Getting Calvin home on time: a statistics puzzle
Posted on Thu 19 July 2018 • 10 min read
I found this puzzle a while ago and couldn't get it out of my head, so I decided to write up a solution.
Calvin has to cross several signals when he walks from his home to school. Each of these signals operate independently. They alternate every 80 seconds between green light and red light. At each signal, there is a counter display that tells him how long it will be before the current signal light changes. Calvin has a magic wand which lets him turn a signal from red to green instantaneously. However, this wand comes with limited battery life, so he can use it only for a specified number of times.
a) If the total number of signals is 2 and Calvin can use his magic wand only once, then what is the expected waiting time at the signals when Calvin optimally walks from his home to school?
b) What if the number of signals is 3 and Calvin can use his magic wand only once?
c) Write a program that takes as inputs the number of signals and the number of times Calvin can use his magic wand, and outputs the expected waiting time
Assuming that the lights are independent, the time until a light changes (displayed on the counter) when Calvin arrives is drawn from a uniform distribution between 0 and 80:
So the average waiting time at each red light is 40 seconds. Since there is a 50% chance that the light is green, the expected waiting per light time is
Calvin wants to use his wand in order to minimize his waiting time.
a) If the total number of signals is 2 and Calvin can use his magic wand only once, then what is the expected waiting time at the signals when Calvin optimally walks from his home to school?
With two lights and one use of the magic wand, there are three scenarios that can arise:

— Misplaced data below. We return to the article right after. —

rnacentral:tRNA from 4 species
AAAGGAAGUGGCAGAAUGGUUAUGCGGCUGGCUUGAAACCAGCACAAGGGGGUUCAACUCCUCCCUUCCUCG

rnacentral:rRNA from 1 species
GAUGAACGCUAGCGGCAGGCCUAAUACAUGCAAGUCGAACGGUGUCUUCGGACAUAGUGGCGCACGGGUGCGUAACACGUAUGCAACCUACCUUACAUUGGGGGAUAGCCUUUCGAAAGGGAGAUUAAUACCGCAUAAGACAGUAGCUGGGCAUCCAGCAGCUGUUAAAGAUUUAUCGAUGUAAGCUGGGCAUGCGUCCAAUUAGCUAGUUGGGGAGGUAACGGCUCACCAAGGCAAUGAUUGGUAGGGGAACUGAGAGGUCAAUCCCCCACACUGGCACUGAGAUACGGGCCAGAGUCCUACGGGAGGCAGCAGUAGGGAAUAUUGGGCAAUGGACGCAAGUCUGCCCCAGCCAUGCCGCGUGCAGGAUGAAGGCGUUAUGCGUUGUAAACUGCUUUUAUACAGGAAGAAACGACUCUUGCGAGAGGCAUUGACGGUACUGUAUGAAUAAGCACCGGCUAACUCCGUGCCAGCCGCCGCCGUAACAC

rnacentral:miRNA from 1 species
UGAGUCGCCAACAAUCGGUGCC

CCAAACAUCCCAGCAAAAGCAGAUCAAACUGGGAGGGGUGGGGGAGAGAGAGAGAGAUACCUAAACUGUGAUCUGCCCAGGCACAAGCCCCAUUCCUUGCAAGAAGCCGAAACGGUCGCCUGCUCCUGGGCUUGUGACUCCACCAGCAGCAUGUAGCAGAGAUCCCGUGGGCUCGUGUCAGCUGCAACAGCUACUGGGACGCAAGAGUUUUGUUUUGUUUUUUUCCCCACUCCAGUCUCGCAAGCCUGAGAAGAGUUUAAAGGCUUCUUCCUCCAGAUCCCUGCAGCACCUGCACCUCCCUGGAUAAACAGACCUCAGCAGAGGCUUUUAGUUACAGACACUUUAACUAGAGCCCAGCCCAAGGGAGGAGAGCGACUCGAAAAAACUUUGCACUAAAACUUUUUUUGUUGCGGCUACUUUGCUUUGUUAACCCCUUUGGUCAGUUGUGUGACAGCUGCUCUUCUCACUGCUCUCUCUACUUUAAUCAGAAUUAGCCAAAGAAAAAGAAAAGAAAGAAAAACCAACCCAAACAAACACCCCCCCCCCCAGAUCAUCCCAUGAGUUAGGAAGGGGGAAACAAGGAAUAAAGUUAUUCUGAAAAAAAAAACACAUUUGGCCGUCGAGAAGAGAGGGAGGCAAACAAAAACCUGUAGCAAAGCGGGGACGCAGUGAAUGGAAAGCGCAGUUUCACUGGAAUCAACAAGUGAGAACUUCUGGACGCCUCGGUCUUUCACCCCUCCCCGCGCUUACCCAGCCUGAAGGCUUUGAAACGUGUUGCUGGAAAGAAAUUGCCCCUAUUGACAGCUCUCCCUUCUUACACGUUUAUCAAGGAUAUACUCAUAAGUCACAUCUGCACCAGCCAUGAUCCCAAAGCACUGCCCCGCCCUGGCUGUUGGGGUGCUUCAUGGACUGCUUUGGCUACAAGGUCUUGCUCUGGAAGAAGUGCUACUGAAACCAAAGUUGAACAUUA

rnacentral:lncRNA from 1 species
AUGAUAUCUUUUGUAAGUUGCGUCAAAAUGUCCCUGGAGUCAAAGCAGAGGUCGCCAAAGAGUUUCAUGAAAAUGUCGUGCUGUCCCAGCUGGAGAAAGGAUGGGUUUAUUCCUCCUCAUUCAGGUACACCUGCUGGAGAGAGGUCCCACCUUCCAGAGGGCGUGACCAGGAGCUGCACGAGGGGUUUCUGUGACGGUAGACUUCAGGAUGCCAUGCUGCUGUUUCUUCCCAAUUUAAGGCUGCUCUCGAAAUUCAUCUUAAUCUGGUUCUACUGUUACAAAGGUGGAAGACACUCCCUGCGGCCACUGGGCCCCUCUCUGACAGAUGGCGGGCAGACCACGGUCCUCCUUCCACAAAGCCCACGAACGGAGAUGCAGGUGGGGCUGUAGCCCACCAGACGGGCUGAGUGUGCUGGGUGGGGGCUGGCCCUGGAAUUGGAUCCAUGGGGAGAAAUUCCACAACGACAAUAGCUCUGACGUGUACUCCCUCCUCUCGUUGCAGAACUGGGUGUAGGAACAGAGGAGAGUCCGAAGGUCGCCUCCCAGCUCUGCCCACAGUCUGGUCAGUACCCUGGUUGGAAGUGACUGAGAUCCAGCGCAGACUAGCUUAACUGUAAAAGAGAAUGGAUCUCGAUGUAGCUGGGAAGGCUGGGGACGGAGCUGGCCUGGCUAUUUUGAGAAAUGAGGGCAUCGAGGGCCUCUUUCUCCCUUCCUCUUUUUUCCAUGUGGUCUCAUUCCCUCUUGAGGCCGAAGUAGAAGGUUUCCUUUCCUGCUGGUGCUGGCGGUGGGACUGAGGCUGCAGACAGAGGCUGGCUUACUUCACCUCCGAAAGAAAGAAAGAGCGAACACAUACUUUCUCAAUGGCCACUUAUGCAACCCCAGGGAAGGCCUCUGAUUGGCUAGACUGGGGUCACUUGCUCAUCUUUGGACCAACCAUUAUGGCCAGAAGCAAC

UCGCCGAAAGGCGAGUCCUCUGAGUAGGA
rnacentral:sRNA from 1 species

If the first light is green (50% chance), then Calvin will use his wand on the second light, with 0 waiting time.

If the first light is red (50% chance):
 He will use his wand if the time on the timer is higher than the expected wait for the second light (20 seconds, 75% chance). In this case the expected waiting time is the expected time for the second light: 20 seconds.
 He will not use his wand if the time on the timer is less than 20 seconds (the mean time these cases is 10 seconds since they are uniformly distributed between 0 and 20, and the situation occurs with a 25% chance). In that case he will wait, and use his wand on the second light, for a total expected waiting time of 10 seconds.
His total expected waiting time is found by taking a sum of all the different situations weighted by their probability:
So Calvin's expected waiting time is 8.75 seconds.
Let's confirm this by trying it... one billion times [evil laugh]:
import numpy as np
n_trials = int(1e9)
# initialize the trials
wait_times = np.zeros(n_trials)
# light waiting times: uniform 080 seconds, 50% chance of being green (0 wait time)
t1 = np.random.uniform(0, 80, n_trials) * np.random.randint(0, 2, n_trials)
t2 = np.random.uniform(0, 80, n_trials) * np.random.randint(0, 2, n_trials)
wand1 = (t1 >= 20) # trials where Calvin uses the wand on light 1
# wait at light 2 wherever he uses the wand at light 1
wait_times[wand1] = t2[wand1]
# wait at light 1 wherever he doesn't use the wand at light 1
wait_times[~wand1] = t1[~wand1]
print('Calvin\'s mean waiting time in {:,} trials was {:.3f} seconds'\
.format(n_trials, wait_times.mean()))
Calvin's mean waiting time in 1,000,000,000 trials was 8.750 seconds
Nice!
b) What if the number of signals is 3 and Calvin can use his magic wand only once?
Now we have three signals and one wand usage. Since we have one wand, we want to find some optimal cutoff value that lets us decide whether or not to use the wand at each light. We base this on whether or not we expect to see a light with a higher waiting time than the current counter during the rest of our walk home.
At the last light, the cutoff is zero. If we haven't used the wand yet, we will definitely use it if the light is not green, as there are no more chances left to use it.
We've already shown that the cutoff at the secondtolast light should be 20 seconds, as this situation is the same one as in part a) (assuming the wand hasn't been used yet).
What about at the first light? We want to know the expectation value of the maximum of the next two waiting times.
The probability that the counter displays a waiting time is less than some time \(t\) is given by
\(\tilde{F}(t)\) here is the Cumulative Density Function (CDF) for our uniformly distributed counter time.